Ref: CAM 192
 
C. Smith    New English Atlas 1804
£45
49.5 x 44cm


Charles Smith was a successful London publisher and map-seller, whose work is stylistically very similar to that of John Cary. His large format New English Atlas first came to market in 1804, but many of the maps have also been found in folding format and may have been sold individually before the publication of the atlas. Smith's maps were well designed and accurate, making use of the large scale county surveys of the previous half-century. The atlas was a commercial success and was up-dated and re-published regularly until c1865 (the latter editions produced by lithographic transfer). This example, in full original colour, is from an early edition of the atlas in 1804. Slight creasing to the outer right, white margin.
Ref: CAM 100
 
J. Cary    New English Atlas 1811 (1809)
£90
48 x 53.5cm


It is suprising that Cary's large county atlas was issued as late as 1809, as individual maps from it seem to have been sold singly from 1801. The atlas format was perhaps to compete with the similarly sized atlas of Charles Smith, which went under the same title and was published in 1804. It is perhaps Cary's finest production, the maps being notable for their fine design, detail and engraving. The atlas ran to several later editions by Cary, and the plates were later used for a variety of lithographic transfers by G.F. Cruchley. This example is from the second edition of 1811, and is in original full colour.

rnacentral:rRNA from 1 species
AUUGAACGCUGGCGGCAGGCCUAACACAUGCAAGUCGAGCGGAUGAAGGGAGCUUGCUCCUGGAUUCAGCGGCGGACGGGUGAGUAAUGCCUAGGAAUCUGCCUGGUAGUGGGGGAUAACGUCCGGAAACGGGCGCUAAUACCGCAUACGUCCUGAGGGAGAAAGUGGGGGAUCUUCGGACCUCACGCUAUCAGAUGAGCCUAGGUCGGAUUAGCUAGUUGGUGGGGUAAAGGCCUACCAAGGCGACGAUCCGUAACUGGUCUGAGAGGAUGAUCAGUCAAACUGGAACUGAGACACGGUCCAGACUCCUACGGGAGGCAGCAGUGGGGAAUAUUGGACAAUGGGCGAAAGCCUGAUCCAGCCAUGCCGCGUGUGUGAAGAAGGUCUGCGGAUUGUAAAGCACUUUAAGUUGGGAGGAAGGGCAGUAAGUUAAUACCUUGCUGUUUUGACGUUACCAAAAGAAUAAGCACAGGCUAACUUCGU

Ref: CAM 074
 
J. Wallis P. Martin    Martin's Sportsman's Almanack, Kalender and Travellers' Guide 1818 (1812)
£20
9.5 x 13cm


This map drawn and engraved by James Wallis, was first published in 1812 in Wallis's New Pocket Edition of the English Counties or Travellers Companion. It was subsequently re-issued in 1818 in the quoted almanack published by P. Martin, from which this example comes.